Think your website is good enough? Think again.

I’ve spent a lot of time networking with people in an array of businesses across several industry sectors. These are the decision-makers. The purse-holders. And these are the business owners shaken to their roots by the economy.

The conversation begins with the usual exchange of what-do-you-do questions and answers. Since it’s my passion and it also happens to be my business, I eventually lead the conversation to the topic of online marketing in business. Often, the CEO says, “I like my website. It’s pretty good. We had it updated last year, and I really don’t think we need to make any changes.”

“Great!” I say. “Your conversion rate must be terrific. Do you mind me asking you what your numbers look like?”

“Conversion rate?” he asks casually.

“When people find you online — in this case, your website — what amount of that traffic is actually prompted to follow your call to action on the website? Do you get calls to your office, or do your visitors make a purchase on the website?” I ask.

“I’m not sure. I leave all that to our IT people. But, it must be good enough — we’re still in business,” he states.

I can’t argue with that. But, I can make an argument with “good enough.” It’s just not acceptable in business these days to have a website that does nothing more than conduct a one-way conversation with people online. Your website is not a brochure, although many owners think of it that way. It is vastly more powerful, if set up correctly.

When is “good enough” harming your business? When it’s not bringing you the results you need. Here’s what isn’t good enough — traffic to your site that leads to a dead end. No calls, no sales, no business. People aren’t visiting your website to see beautiful graphics and Flash content, unless that’s what your business specializes in. They visit your site to learn, to interact, to move in your direction, if you get them pointed that way. They begin to form a relationship with you online; they begin to make an emotional connection that leads to action in favor of your business’ bottom line. That’s a call to action. That’s moving toward “better” instead of “good enough.”

It’s rough out there. Marketing dollars need to be invested more prudently than ever before. The competition for attention online, let alone business, is ferocious. You have to make sure that your website is working for you — not just getting by on “good enough.”

Think about the call to action on your own business website. This is NOT the phone number or contact us page. Your call to action acts as a green light — a traffic signal — to “DO THIS NOW.” It’s an imperative — couched in a friendly little button or link that tells your visitor to take a left or a right turn, straight to you. When your website helps your visitors, it’s helping your bottom line. That’s good enough.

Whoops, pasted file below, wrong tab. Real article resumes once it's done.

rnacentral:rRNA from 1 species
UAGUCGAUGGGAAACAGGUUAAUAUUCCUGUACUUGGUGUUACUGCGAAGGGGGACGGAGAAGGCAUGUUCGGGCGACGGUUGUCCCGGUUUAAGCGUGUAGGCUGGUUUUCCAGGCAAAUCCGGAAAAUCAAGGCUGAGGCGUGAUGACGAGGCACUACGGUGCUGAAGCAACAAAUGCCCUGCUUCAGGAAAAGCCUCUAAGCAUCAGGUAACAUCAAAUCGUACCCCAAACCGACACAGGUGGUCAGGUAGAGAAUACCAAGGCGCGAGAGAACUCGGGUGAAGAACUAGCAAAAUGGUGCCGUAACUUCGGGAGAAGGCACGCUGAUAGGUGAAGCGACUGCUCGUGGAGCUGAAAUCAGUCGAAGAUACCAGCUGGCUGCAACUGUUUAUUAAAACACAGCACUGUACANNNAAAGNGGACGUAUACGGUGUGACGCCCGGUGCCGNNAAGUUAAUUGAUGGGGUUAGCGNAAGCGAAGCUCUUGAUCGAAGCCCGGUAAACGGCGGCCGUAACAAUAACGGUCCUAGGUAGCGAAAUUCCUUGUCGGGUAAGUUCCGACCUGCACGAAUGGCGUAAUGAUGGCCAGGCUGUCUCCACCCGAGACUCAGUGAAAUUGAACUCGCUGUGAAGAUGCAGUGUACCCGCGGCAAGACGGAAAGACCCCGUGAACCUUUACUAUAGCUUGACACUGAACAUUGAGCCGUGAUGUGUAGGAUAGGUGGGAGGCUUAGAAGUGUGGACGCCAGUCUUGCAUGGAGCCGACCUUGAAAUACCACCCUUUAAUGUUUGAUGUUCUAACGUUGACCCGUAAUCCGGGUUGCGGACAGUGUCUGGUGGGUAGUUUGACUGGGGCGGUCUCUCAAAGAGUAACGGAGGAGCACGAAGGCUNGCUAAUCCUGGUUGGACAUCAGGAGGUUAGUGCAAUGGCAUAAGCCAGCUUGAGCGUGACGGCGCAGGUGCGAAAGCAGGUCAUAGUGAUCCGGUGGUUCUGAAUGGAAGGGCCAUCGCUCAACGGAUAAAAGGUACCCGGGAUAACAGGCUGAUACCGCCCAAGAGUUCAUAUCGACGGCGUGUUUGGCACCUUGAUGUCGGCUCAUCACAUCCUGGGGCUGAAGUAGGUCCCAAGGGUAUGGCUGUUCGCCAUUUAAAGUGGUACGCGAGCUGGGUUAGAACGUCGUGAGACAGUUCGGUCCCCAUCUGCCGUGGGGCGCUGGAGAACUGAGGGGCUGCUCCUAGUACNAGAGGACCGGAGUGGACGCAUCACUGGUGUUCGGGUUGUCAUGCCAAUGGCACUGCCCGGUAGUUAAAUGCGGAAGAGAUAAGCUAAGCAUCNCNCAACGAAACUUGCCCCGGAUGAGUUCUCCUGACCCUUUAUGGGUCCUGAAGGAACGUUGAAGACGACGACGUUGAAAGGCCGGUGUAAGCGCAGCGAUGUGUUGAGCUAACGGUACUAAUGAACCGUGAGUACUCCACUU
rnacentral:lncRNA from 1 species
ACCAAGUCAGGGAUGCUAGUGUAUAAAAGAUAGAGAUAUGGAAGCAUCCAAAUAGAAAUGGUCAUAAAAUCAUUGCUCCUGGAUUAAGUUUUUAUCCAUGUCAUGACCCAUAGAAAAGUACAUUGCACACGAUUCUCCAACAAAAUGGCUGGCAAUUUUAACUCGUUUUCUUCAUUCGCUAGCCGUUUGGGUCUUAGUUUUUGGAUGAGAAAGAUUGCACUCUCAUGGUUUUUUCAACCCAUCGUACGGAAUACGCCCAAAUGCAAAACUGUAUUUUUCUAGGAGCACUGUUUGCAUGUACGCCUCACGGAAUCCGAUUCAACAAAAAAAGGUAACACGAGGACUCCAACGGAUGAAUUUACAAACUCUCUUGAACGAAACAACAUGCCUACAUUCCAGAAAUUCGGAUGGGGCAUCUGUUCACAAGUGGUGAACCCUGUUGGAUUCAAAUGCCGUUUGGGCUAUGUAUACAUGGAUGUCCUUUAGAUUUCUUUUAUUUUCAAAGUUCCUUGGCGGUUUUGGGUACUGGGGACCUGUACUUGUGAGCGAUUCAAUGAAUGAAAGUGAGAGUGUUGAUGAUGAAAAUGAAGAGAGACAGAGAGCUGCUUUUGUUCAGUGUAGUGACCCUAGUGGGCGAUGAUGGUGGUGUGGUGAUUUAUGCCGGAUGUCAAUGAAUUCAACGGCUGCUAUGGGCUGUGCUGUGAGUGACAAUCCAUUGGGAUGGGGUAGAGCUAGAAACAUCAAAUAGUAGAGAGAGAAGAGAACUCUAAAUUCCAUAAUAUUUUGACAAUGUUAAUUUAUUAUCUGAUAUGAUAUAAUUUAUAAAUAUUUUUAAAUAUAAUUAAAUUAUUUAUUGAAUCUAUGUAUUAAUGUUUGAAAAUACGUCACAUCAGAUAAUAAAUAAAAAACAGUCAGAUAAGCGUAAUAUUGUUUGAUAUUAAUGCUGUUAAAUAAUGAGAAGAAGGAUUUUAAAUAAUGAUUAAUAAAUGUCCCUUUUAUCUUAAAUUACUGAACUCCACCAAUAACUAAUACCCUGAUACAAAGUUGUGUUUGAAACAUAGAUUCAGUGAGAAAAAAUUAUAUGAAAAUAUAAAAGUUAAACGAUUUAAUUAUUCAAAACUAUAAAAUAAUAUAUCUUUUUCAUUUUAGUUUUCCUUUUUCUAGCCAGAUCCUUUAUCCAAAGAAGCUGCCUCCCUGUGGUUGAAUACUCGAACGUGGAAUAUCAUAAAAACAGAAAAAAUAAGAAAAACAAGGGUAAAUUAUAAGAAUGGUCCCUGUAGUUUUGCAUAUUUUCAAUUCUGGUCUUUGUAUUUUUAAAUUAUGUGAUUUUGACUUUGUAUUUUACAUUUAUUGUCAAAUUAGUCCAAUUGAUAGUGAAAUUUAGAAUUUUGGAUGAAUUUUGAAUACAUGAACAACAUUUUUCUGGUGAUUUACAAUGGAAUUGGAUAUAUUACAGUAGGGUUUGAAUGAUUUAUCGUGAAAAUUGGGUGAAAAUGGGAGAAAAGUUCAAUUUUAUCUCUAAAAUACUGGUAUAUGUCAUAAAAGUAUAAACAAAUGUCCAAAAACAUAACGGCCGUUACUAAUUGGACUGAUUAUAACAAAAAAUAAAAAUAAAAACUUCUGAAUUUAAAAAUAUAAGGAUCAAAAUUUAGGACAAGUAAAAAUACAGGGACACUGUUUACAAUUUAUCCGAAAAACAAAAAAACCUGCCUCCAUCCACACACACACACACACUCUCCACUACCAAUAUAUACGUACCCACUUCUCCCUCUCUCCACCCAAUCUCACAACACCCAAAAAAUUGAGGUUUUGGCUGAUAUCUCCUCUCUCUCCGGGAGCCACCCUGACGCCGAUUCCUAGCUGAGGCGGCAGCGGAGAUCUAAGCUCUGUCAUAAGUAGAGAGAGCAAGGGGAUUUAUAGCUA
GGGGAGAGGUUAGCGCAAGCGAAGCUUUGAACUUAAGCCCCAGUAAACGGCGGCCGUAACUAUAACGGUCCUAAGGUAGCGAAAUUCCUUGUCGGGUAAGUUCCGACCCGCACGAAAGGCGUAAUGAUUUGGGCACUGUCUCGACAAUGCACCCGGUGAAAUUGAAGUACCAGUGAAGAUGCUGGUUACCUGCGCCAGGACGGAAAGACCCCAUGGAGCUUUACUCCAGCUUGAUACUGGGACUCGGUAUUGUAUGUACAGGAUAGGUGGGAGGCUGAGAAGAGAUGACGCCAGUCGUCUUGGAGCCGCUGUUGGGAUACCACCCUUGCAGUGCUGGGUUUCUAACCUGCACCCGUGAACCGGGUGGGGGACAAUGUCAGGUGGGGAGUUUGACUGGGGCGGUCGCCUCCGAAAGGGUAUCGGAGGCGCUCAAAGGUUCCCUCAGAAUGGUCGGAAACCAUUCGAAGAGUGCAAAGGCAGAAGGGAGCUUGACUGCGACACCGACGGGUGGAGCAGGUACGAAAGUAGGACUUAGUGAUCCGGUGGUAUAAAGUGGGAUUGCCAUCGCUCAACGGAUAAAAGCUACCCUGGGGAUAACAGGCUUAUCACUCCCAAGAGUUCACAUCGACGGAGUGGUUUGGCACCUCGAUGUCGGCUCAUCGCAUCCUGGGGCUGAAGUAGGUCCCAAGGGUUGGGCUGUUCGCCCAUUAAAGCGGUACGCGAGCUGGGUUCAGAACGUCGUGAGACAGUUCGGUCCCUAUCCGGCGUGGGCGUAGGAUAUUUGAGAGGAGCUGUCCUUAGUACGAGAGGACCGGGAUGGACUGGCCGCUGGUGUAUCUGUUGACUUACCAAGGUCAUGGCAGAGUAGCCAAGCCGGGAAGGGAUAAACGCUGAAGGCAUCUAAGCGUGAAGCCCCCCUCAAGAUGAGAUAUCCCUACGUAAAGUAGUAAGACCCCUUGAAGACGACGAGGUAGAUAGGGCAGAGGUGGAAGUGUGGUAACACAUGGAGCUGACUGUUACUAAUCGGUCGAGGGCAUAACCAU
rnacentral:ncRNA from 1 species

Create a Call to Action

We build a lot of web sites. We also rebuild a lot of web sites. And I can tell you that a lot of web sites don’t have a clear focus. A well-designed web site needs to have a clearly defined call to action for each and every page.

There might be several different calls to action on a site. Perhaps on the main page the call to action is to simply click a given link to learn more about a specific service or product. For interior pages of a web site, one of the most common mistakes I hear from web site owners is “The goal of this page is to inform or educate the visitor”. That, in itself, isn’t a bad goal but there still must be a call to action after the educating has been done. A simple “to learn more, call us at 555 555-5555” then gives the visitor something concrete to do after they’ve been informed.

You’ve seen or heard good calls to action on TV and radio. Call now. Operators are standing by. Call in the next 20 minutes for a special discount. Visit us on the web at . . . All of these are calls to action. For ecommerce web sites, the calls are much clearer. Add to Cart, Buy Now, Checkout, Details, etc.

You can have a variety of different calls depending on the purpose and scope of the site and of the individual page. Some good calls to action include:

  • Request to call
  • Add to cart / Buy now
  • Fill out this form
  • Email us
  • Complete a survey
  • Create a registration
  • Provide your info in order to be entered in a drawing
  • Become a member and we’ll give you more information

As you can see, there are many choices and ways you can craft your call to action. Go back and take a look at your web site. Do you have a clear call to action on each page?


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